3. Strain.
  4. Let liquid cool down to warm and then stir in honey.



Juicy pan seared chicken breasts


It’s hard to get pan seared chicken breasts that are not dry. But I have found a way! This is juicy and has a crispy skin. Perfect for sandwiches or topping for salads. I buy whole chickens and cut them up myself. I like to leave on the skin on. Once seared on the skillet, the skin is nice and crispy. The chicken breasts finishes in the oven and gets very juicy!

Juicy pan seared chicken breasts
  • 2 chicken breasts with the skin on
  • salt and pepper
  • 2 TBSP oil (use something that can handle high heat; sunflower oil, avocado oil, coconut oil, butter)
  1. Preheat oven to 350 F.
  2. Take a meat mallet and tenderize the chicken breasts.
  3. Put a cast iron skillet on medium high heat and pour on oil.
  4. Season generously with salt and pepper on both sides.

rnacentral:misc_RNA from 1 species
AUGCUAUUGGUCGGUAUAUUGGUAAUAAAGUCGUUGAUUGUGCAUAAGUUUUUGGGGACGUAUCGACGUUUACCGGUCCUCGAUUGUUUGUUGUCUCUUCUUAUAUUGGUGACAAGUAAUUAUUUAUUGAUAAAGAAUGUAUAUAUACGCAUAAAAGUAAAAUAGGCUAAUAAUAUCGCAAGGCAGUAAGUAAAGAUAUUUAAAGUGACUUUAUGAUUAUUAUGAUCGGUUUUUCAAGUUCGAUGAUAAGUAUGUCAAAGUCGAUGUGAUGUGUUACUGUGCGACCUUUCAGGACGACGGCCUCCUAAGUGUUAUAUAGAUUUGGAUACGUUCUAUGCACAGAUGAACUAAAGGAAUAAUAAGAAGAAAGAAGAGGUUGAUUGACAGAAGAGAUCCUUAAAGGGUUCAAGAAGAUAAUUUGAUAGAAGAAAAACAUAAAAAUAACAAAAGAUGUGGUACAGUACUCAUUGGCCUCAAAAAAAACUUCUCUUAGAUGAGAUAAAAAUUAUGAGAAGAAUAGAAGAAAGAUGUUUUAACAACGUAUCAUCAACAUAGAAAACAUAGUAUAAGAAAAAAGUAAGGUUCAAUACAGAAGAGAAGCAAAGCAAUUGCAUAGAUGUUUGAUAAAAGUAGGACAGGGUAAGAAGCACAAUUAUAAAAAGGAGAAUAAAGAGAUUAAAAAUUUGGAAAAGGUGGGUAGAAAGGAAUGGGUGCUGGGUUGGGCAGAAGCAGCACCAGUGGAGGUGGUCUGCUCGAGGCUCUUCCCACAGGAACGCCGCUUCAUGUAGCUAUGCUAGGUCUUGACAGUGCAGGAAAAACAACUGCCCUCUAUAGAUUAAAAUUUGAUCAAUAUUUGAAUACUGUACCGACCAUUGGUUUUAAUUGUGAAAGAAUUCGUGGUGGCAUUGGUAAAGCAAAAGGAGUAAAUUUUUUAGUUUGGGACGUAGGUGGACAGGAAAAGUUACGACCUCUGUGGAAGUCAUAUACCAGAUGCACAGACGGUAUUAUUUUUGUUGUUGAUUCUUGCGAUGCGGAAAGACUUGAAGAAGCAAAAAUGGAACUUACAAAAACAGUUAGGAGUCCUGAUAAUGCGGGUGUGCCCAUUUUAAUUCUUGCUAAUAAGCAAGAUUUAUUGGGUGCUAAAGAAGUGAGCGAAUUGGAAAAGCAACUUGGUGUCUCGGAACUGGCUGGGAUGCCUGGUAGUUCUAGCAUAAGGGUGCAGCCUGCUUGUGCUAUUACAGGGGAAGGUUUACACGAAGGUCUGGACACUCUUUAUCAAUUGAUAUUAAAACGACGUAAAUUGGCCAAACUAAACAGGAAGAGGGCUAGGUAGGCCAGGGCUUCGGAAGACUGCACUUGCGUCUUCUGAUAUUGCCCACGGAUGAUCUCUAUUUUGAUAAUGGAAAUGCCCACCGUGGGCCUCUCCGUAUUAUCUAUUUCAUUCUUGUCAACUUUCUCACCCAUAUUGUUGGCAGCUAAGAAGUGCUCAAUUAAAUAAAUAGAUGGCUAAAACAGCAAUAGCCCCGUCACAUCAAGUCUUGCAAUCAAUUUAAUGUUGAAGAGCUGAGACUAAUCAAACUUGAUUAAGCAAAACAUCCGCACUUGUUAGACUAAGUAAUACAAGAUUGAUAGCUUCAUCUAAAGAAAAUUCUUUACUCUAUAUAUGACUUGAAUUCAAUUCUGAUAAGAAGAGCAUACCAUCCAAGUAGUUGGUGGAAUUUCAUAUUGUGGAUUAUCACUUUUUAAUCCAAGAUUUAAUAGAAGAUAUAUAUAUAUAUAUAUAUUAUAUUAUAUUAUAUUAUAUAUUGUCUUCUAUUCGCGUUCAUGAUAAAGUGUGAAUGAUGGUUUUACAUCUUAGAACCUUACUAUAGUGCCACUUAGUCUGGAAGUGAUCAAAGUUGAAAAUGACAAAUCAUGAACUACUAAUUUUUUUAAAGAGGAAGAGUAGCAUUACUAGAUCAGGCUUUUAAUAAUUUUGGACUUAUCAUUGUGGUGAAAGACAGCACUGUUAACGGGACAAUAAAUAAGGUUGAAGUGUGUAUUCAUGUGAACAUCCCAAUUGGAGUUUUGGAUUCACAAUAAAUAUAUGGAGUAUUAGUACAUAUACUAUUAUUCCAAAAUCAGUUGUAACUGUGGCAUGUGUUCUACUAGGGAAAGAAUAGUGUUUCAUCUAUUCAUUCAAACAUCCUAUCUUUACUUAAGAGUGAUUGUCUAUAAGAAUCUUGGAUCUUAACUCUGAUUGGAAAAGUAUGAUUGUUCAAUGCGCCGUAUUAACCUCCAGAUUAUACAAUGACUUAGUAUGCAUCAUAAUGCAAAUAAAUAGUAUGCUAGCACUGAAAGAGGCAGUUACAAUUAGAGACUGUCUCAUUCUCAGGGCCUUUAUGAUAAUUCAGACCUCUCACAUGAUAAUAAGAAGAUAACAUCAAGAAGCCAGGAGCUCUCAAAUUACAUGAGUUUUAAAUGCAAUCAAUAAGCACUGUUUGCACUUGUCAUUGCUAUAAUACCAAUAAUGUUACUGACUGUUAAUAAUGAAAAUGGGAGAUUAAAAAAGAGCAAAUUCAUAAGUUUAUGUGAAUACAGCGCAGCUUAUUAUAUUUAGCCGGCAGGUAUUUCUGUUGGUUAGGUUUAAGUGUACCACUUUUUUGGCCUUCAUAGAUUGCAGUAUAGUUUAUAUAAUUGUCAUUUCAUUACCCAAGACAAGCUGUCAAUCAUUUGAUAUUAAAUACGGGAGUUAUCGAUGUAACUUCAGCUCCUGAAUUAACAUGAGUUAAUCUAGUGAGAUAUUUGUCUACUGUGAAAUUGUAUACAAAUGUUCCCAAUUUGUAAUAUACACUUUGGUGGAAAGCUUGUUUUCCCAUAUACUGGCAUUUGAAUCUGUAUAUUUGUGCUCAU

5. Once the skillet is hot enough, put the chicken breasts on the skillet skin side down and flip once the skin is nice and crispy. Approx 5 to 7 minutes.
  6. Let the other side brown for about same amount of time.
  7. Turn off the heat, and put the skillet in the oven for 10 mins.


Juicy chicken breast



Coffee yogurt

Coffee yogurt

Here’s something you probably won’t see on the supermarket shelves. Coffee Yogurt! I was making a regular batch of Vietnamese yogurt and decided to test out new flavors and added some instant coffee to it. Yum!

So for you coffee drinkers, you can have this for breakfast instead…or just a nice healthy pick-me-up in the afternoon!

I put the yogurt in individual serving cups in the oven with a blanket wrapped around them with the oven light on.

I put the yogurt in individual serving cups in the oven with a blanket wrapped around them with the oven light on. The coffee yogurts were hiding in the back. 

Coffee yogurt
  • 3.5 cups whole milk
  • ½ cup sweetened condensed milk
  • ¼ cup plain yogurt as starter
  • 3 to 4 tsp instant coffee
  1. Heat the milk until it reaches 180 F. Turn off stove.
  2. Stir in the sweetened condensed milk and instant coffee (use more or less depending on how you like your coffee).
  3. Let the milk cool until it reaches 115 to 120 F.
  4. Take some warm milk out into a large cup and whisk in the yogurt starter. Incorporate it back with the rest of the milk.
  5. Pour into individual serving mason jars (or one large jar). Put on the lids.